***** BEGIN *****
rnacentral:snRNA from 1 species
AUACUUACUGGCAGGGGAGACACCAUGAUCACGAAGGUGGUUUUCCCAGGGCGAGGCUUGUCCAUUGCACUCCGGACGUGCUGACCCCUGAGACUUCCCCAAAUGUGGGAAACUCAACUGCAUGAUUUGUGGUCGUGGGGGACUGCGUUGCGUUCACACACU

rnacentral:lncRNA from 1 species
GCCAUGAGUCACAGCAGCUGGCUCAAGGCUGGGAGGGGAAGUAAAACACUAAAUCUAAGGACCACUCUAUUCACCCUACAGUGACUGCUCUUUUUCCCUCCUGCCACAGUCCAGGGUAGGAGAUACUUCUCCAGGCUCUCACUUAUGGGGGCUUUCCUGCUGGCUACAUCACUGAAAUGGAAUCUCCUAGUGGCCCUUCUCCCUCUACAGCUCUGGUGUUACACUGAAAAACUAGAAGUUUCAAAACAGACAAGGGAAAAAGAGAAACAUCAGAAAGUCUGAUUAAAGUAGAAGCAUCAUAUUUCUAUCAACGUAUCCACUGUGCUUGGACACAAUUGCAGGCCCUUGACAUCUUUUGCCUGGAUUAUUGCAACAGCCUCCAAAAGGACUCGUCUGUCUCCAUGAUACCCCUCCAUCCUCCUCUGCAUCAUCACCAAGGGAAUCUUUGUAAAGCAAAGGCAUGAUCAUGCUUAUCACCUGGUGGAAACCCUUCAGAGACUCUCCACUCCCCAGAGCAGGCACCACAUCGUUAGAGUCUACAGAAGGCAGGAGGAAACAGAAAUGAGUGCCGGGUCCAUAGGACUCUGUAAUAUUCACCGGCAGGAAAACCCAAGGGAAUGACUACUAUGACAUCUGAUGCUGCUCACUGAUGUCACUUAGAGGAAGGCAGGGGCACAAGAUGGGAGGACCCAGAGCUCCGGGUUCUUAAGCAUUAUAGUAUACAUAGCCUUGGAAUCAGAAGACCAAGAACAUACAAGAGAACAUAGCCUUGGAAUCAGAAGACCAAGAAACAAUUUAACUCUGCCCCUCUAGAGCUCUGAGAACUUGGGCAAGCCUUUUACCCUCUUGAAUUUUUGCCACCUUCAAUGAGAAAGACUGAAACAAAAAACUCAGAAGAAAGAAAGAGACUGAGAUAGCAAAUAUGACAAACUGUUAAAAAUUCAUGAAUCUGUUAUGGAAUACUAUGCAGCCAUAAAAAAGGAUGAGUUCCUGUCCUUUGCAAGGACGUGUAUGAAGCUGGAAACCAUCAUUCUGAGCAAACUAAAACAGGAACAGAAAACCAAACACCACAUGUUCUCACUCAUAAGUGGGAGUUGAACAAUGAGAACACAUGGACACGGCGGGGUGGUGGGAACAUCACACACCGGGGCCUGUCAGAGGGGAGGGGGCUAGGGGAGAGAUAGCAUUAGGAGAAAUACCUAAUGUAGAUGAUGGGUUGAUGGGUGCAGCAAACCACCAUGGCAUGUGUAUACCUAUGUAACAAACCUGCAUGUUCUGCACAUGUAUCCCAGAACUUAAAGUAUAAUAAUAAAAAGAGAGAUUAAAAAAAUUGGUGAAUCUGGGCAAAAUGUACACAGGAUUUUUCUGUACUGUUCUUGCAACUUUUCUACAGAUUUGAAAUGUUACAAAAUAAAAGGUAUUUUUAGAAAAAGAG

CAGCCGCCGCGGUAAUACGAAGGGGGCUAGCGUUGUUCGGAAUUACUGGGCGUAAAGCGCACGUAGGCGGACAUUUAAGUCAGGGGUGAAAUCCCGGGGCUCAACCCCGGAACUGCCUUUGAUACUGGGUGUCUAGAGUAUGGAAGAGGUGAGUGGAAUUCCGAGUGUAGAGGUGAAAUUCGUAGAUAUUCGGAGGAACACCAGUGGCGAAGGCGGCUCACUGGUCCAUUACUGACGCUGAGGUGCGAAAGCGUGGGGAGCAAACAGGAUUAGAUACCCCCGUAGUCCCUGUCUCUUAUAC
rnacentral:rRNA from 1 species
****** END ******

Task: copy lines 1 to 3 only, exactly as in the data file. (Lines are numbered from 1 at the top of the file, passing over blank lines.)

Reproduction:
rnacentral:snRNA from 1 species
AUACUUACUGGCAGGGGAGACACCAUGAUCACGAAGGUGGUUUUCCCAGGGCGAGGCUUGUCCAUUGCACUCCGGACGUGCUGACCCCUGAGACUUCCCCAAAUGUGGGAAACUCAACUGCAUGAUUUGUGGUCGUGGGGGACUGCGUUGCGUUCACACACU

rnacentral:lncRNA from 1 species